This is the context within which yesterday’s radicals continue to rail against the unnatural, oppressive and out-of-touch nature of the celibate Catholic priesthood. They want priests to be natural, not supernatural. They want priests to be having sex just like the rest of us. What’s interesting is their critique has zero purchase among those living in the current chapter of the sexual revolution. Like so many online seductions, sex has become breathtakingly banal. We are a deeply lonely people. Sexual desire is hardwired deep within us and so we are reflexively drawn back to sex, or back to pornography which is a sad replica of sex, but we are inevitably disappointed, lonely and depressed. Coincident with the dramatic increase in the availability and the consumption of pornography, the destruction of the family and the tragic isolation of more and more of us, has been a huge increase in the incidence of depression and psychopharmacology.

But we are not abandoned.

The Contrast: you must watch CNN’s This Is Life with Lisa Ling, “Called to the Collar.”  It is a 43-minute portrait of a town, a parish, a family and vocations which flow from that family.

I won’t say too much about it other than earlier this week I showed my philosophy class the Mail article and related Youtube clips on breakthroughs in sexbot technology, along with excerpts from The Brain that Changes Itself on neuroplasticity and how the brain is rewired through long-term consumption of pornography. I wove this together with what is abundantly evident in my class and everywhere in Canada and the U.S. Two-thirds of students entering university next year will be female. Men have dropped off of the radar. Two generations ago the vast majority of university students were men, because there was an obvious correlation between education and income, and men wanted to support a wife and family. A generation ago, when I was in university, there was numeric parity between men and women, as women fully integrated into the workforce and the birthrate plummeted. Now, men in Canada and the United States are not interested in getting married and having children, and so they don’t bother going to university so that they might make more money to support families. The rate of marriage has dropped dramatically, but of those who are getting married, chances are the wife will have more education and therefore a higher income than the husband. This will make it especially difficult for the wife to take time off of work to have children.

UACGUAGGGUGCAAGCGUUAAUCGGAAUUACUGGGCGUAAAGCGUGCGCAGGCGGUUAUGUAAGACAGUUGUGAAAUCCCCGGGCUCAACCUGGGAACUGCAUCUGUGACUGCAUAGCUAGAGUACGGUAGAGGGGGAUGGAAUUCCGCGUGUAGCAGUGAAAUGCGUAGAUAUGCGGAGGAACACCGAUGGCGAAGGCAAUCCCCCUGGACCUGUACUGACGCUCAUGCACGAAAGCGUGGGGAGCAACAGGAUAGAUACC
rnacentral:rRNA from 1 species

Needless to say it was a rather depressing class. The next day we watched “Called to the Collar.” It’s not perfect—at times it’s cloyingly sweet and it’s very much the new journalism with emphatic solilloques to reinforce the emotional power of the story. But my students were transfixed. Fr. Gary, the young, newly ordained priest whose story drives the narrative, quotes a wise priest who told him: “when you feel loneliness don’t run away from it. Go over to Jesus and see what he does with it.”

The celibate priesthood is absolutely essential, no matter what the dinosaurs at the New York Times say.


  • Joe Bissonnette

    Joe Bissonnette teaches religion and philosophy at Assumption College School in Brantford, Ontario where he lives with his wife and their seven children. He has written for Catholic Insight, The Human Life Review, The Interim, The Catholic Register and The Toronto Star.